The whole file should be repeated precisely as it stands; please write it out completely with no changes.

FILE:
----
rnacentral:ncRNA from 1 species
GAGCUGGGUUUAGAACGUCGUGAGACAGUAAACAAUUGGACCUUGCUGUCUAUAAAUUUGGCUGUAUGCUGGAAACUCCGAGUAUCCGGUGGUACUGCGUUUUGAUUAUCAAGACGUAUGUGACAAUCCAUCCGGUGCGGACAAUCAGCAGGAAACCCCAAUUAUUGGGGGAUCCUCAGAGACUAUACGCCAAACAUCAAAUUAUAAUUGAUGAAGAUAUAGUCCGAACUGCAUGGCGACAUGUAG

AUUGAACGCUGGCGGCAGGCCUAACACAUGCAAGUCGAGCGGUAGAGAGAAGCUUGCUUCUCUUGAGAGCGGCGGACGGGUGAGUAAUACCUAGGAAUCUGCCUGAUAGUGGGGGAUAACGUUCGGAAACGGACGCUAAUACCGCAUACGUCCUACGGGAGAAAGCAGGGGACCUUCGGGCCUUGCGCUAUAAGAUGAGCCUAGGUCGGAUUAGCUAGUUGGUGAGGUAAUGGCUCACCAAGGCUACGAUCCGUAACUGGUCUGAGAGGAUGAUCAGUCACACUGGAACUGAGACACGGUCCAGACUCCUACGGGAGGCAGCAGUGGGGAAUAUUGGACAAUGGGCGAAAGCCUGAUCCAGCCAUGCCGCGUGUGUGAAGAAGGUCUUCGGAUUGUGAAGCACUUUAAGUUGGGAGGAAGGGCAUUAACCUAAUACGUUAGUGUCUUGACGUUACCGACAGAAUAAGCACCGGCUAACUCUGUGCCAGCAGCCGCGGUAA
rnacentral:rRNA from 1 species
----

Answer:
rnacentral:ncRNA from 1 species
GAGCUGGGUUUAGAACGUCGUGAGACAGUAAACAAUUGGACCUUGCUGUCUAUAAAUUUGGCUGUAUGCUGGAAACUCCGAGUAUCCGGUGGUACUGCGUUUUGAUUAUCAAGACGUAUGUGACAAUCCAUCCGGUGCGGACAAUCAGCAGGAAACCCCAAUUAUUGGGGGAUCCUCAGAGACUAUACGCCAAACAUCAAAUUAUAAUUGAUGAAGAUAUAGUCCGAACUGCAUGGCGACAUGUAG

AUUGAACGCUGGCGGCAGGCCUAACACAUGCAAGUCGAGCGGUAGAGAGAAGCUUGCUUCUCUUGAGAGCGGCGGACGGGUGAGUAAUACCUAGGAAUCUGCCUGAUAGUGGGGGAUAACGUUCGGAAACGGACGCUAAUACCGCAUACGUCCUACGGGAGAAAGCAGGGGACCUUCGGGCCUUGCGCUAUAAGAUGAGCCUAGGUCGGAUUAGCUAGUUGGUGAGGUAAUGGCUCACCAAGGCUACGAUCCGUAACUGGUCUGAGAGGAUGAUCAGUCACACUGGAACUGAGACACGGUCCAGACUCCUACGGGAGGCAGCAGUGGGGAAUAUUGGACAAUGGGCGAAAGCCUGAUCCAGCCAUGCCGCGUGUGUGAAGAAGGUCUUCGGAUUGUGAAGCACUUUAAGUUGGGAGGAAGGGCAUUAACCUAAUACGUUAGUGUCUUGACGUUACCGACAGAAUAAGCACCGGCUAACUCUGUGCCAGCAGCCGCGGUAA
rnacentral:rRNA from 1 species